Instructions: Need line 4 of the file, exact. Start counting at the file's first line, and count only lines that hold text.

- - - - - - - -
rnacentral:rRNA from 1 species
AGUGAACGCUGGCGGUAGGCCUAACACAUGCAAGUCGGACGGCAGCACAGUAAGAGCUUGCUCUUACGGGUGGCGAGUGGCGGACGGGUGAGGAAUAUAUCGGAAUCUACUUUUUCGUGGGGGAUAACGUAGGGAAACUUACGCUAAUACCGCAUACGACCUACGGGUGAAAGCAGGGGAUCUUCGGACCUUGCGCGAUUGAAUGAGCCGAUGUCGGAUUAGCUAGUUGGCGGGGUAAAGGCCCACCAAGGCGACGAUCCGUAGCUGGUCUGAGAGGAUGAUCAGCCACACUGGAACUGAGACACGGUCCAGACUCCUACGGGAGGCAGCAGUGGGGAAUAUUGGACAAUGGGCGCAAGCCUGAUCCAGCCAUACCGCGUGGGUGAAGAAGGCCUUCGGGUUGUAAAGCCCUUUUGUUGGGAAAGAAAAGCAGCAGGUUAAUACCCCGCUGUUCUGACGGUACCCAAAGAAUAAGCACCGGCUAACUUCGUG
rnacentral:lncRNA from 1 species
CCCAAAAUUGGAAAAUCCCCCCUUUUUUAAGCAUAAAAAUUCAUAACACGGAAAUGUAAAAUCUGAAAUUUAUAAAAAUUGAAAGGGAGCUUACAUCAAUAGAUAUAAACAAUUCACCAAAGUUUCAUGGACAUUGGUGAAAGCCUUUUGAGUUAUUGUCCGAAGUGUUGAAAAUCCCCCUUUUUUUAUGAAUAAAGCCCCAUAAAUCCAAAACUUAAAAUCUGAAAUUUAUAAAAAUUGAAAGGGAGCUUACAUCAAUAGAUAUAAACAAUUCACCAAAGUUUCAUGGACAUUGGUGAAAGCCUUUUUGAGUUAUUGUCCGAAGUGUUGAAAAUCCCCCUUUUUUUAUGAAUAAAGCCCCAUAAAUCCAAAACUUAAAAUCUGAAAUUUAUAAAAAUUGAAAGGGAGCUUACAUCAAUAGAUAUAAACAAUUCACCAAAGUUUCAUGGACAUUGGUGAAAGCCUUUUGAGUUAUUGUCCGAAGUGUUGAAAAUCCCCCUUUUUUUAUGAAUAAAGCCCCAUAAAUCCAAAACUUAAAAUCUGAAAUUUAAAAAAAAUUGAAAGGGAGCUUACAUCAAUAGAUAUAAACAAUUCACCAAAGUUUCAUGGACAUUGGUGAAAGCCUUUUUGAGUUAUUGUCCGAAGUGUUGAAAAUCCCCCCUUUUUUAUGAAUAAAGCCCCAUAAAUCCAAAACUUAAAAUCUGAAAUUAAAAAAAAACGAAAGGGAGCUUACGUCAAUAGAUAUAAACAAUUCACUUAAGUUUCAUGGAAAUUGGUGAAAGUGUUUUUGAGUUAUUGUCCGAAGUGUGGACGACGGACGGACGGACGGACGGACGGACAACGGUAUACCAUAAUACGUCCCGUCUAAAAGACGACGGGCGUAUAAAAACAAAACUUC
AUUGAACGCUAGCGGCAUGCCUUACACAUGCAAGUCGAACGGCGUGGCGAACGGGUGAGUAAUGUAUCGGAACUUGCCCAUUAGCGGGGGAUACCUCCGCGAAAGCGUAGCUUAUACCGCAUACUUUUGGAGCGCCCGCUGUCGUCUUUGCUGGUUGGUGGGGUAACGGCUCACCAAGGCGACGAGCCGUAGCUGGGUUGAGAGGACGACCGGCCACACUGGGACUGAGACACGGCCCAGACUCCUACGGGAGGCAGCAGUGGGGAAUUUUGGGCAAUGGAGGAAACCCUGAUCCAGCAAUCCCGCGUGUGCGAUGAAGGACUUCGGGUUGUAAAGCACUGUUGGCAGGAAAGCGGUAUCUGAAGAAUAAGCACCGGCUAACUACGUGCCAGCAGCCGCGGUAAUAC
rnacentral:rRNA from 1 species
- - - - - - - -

CCCAAAAUUGGAAAAUCCCCCCUUUUUUAAGCAUAAAAAUUCAUAACACGGAAAUGUAAAAUCUGAAAUUUAUAAAAAUUGAAAGGGAGCUUACAUCAAUAGAUAUAAACAAUUCACCAAAGUUUCAUGGACAUUGGUGAAAGCCUUUUGAGUUAUUGUCCGAAGUGUUGAAAAUCCCCCUUUUUUUAUGAAUAAAGCCCCAUAAAUCCAAAACUUAAAAUCUGAAAUUUAUAAAAAUUGAAAGGGAGCUUACAUCAAUAGAUAUAAACAAUUCACCAAAGUUUCAUGGACAUUGGUGAAAGCCUUUUUGAGUUAUUGUCCGAAGUGUUGAAAAUCCCCCUUUUUUUAUGAAUAAAGCCCCAUAAAUCCAAAACUUAAAAUCUGAAAUUUAUAAAAAUUGAAAGGGAGCUUACAUCAAUAGAUAUAAACAAUUCACCAAAGUUUCAUGGACAUUGGUGAAAGCCUUUUGAGUUAUUGUCCGAAGUGUUGAAAAUCCCCCUUUUUUUAUGAAUAAAGCCCCAUAAAUCCAAAACUUAAAAUCUGAAAUUUAAAAAAAAUUGAAAGGGAGCUUACAUCAAUAGAUAUAAACAAUUCACCAAAGUUUCAUGGACAUUGGUGAAAGCCUUUUUGAGUUAUUGUCCGAAGUGUUGAAAAUCCCCCCUUUUUUAUGAAUAAAGCCCCAUAAAUCCAAAACUUAAAAUCUGAAAUUAAAAAAAAACGAAAGGGAGCUUACGUCAAUAGAUAUAAACAAUUCACUUAAGUUUCAUGGAAAUUGGUGAAAGUGUUUUUGAGUUAUUGUCCGAAGUGUGGACGACGGACGGACGGACGGACGGACGGACAACGGUAUACCAUAAUACGUCCCGUCUAAAAGACGACGGGCGUAUAAAAACAAAACUUC